New Republican House Speaker Mike Johnson (LA) certainly wasn’t getting a honeymoon at the New York Times. The paper’s chief Washington correspondent Carl Hulse was both a veteran correspondent and a long-time player of the labeling bias game, as he showed in his Sunday edition story. The labeling slant started with the headline: “Mike Johnson's Rise to Speaker Cements Far-Right Takeover of GOP.”
One could make a game out of counting how many labels the historically biased Hulse would attach to Johnson and his “far-right” friends. Hulse even reached back to smear the decades-old Tea Party movement as irresponsible and racist, tracing the “Republican crackup” from there (which at least made a change from blaming Trump for everything):
In early 2009, congressional Republicans were staring down a long exile in the political wilderness. Barack Obama was about to assume the presidency, and Democrats were within reach of a filibuster-proof, 60-vote supermajority in the Senate and the largest House majority in more than 20 years after the economic crisis of 2008.
But Republicans saw a glimmer of hope in the energized far-right populist movement that emerged out of a backlash to Mr. Obama -- the first Black president -- and his party’s aggressive economic and social agenda, which included a federal health care plan. Republicans seized on the Tea Party and associated groups, with their nativist leanings and vehemently anti-establishment impulses, as their ticket back to power.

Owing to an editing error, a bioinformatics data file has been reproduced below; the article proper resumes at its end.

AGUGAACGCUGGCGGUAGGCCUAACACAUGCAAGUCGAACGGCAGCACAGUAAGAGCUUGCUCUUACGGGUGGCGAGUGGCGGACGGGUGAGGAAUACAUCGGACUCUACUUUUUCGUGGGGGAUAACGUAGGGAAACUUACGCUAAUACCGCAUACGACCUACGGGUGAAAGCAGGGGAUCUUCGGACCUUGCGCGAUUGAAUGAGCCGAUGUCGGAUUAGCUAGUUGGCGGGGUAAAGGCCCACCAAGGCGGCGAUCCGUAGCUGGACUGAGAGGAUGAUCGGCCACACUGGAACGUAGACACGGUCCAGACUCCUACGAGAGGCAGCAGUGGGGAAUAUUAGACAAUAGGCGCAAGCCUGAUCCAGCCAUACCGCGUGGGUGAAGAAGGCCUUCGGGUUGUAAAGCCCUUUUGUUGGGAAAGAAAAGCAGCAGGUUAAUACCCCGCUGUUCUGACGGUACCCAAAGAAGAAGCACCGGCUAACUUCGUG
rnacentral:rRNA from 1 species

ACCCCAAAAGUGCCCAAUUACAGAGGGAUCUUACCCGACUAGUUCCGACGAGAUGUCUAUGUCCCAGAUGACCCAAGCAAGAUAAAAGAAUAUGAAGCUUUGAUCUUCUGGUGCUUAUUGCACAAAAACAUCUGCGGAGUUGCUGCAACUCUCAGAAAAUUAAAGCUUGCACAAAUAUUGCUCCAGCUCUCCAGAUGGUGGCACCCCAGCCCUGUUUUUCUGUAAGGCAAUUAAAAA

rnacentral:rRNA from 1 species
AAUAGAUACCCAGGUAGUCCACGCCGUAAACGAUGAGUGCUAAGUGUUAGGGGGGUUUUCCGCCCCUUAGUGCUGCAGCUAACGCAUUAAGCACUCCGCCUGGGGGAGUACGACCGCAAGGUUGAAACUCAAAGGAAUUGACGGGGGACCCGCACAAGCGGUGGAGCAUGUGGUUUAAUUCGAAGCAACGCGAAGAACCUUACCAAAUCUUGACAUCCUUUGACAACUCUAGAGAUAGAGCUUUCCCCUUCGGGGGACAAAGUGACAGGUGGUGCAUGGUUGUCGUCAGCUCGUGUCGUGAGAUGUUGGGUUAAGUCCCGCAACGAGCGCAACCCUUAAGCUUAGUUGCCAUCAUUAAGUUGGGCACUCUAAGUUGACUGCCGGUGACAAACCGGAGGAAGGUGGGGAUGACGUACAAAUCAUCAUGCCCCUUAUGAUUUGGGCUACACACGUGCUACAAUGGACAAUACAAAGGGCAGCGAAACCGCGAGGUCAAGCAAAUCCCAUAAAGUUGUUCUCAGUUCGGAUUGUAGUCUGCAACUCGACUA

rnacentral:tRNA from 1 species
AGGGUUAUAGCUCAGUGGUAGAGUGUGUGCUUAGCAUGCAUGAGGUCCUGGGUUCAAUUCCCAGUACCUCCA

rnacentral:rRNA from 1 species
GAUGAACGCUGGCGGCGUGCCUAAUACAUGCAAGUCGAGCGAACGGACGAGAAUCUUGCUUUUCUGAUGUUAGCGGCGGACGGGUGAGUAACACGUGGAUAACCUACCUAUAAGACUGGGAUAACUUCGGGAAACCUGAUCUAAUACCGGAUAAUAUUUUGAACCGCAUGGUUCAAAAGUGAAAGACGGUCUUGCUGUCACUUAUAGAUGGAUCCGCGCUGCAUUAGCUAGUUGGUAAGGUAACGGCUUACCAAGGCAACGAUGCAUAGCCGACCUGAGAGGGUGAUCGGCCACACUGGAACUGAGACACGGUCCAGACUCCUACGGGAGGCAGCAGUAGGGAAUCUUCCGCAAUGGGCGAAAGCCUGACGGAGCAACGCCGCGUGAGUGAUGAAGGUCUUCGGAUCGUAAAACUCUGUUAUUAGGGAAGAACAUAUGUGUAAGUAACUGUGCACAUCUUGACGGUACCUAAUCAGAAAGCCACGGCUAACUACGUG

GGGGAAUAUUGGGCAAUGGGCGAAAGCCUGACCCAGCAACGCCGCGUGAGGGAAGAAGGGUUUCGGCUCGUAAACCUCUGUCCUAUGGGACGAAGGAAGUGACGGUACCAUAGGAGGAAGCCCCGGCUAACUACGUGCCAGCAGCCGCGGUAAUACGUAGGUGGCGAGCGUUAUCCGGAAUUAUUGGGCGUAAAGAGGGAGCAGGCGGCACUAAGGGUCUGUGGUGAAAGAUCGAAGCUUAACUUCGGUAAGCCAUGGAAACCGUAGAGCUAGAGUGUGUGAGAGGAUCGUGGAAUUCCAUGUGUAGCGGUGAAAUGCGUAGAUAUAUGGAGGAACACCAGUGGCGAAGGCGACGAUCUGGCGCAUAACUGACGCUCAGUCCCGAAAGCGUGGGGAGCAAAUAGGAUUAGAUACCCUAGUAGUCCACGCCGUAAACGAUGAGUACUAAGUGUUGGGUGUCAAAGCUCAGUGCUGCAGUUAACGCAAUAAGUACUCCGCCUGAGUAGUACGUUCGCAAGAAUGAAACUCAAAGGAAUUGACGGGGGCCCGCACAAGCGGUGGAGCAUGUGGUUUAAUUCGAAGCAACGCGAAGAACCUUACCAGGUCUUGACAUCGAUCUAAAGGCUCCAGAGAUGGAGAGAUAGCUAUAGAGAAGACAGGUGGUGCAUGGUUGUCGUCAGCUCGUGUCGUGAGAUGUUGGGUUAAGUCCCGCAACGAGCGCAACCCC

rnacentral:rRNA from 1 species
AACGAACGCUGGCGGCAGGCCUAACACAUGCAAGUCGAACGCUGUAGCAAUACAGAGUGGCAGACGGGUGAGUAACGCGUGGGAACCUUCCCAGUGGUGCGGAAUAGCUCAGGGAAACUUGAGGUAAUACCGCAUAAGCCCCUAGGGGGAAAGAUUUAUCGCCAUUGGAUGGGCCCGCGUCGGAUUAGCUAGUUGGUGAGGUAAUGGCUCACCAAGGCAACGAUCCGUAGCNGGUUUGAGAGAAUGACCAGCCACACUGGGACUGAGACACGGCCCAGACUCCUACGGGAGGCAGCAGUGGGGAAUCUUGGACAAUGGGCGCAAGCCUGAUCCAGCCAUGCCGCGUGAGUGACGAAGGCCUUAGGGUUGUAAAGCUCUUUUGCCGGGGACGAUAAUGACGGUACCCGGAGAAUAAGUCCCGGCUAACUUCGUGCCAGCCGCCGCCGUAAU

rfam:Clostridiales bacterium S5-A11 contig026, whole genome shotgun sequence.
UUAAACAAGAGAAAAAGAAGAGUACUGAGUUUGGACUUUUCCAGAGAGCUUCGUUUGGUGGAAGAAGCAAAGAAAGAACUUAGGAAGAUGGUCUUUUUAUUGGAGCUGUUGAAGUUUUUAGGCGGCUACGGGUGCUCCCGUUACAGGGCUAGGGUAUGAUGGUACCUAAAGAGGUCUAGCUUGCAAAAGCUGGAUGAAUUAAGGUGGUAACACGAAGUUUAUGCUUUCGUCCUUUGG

Hulse commiserated with former influential Congressman Eric Cantor (R-VA) who suffered a shock primary defeat to a Tea Party candidate and still sounded bitter about it.
The ranks of more traditional Republicans had been significantly thinned after the far right turned on them in successive election cycles...
Hulse found a fair and balanced voice from….a leading labor union?
“They thought they could control it,” Michael Podhorzer, the former political director of the A.F.L.-C.I.O. who has studied the House’s far-right progression, said of G.O.P. leaders. “But once you agree essentially that Democrats are satanic, there is no room in the party for someone who says we need to compromise with Democrats to accomplish what we need to get done.”
The result, Mr. Podhorzer said, is a Republican majority that his research shows across various data points to be more extreme, more evangelical Christian and less experienced in governing than in the past. Those characteristics have been evident as House Republicans have spent much of the year in chaos.
Hulse preserved Podhorzer’s pithy insult:
“It isn’t that they are really clever at how they crash the institution,” Mr. Podhorzer said. “They just don’t know how to drive.”
Leading congressional Republicans were leery of the Tea Party’s thinly veiled racism, illustrated by insulting references to Mr. Obama and the questioning of his birthplace, though they said they saw the activists as mainly motivated by an anti-tax, anti-government fervor.
A move by the Freedom Caucus to block a spending measure to protest Johnson’s temporary funding bill to keep the government open moved Hulse to call them among “the most extreme element within his ranks” and claimed the move “underscored the far-right’s antipathy to compromise….”
In all, Hulse used the “far-right” adjective (or “far right” noun) 10 times, “archconservative” once, “hard-line” twice, “extreme” twice, and “extreme right” once to describe Republicans within this 1,280-word story.
It makes one miss the plain old “conservative” label, which he only used twice. Hulse’s labeling slant is a bad habit he will apparently never shake.